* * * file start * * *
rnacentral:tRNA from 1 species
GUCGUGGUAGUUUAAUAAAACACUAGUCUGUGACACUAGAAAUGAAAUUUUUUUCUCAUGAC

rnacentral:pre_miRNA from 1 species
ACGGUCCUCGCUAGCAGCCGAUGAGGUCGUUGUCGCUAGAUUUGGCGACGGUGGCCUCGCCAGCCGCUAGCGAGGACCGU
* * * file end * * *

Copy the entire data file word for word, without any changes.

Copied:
rnacentral:tRNA from 1 species
GUCGUGGUAGUUUAAUAAAACACUAGUCUGUGACACUAGAAAUGAAAUUUUUUUCUCAUGAC

rnacentral:pre_miRNA from 1 species
ACGGUCCUCGCUAGCAGCCGAUGAGGUCGUUGUCGCUAGAUUUGGCGACGGUGGCCUCGCCAGCCGCUAGCGAGGACCGU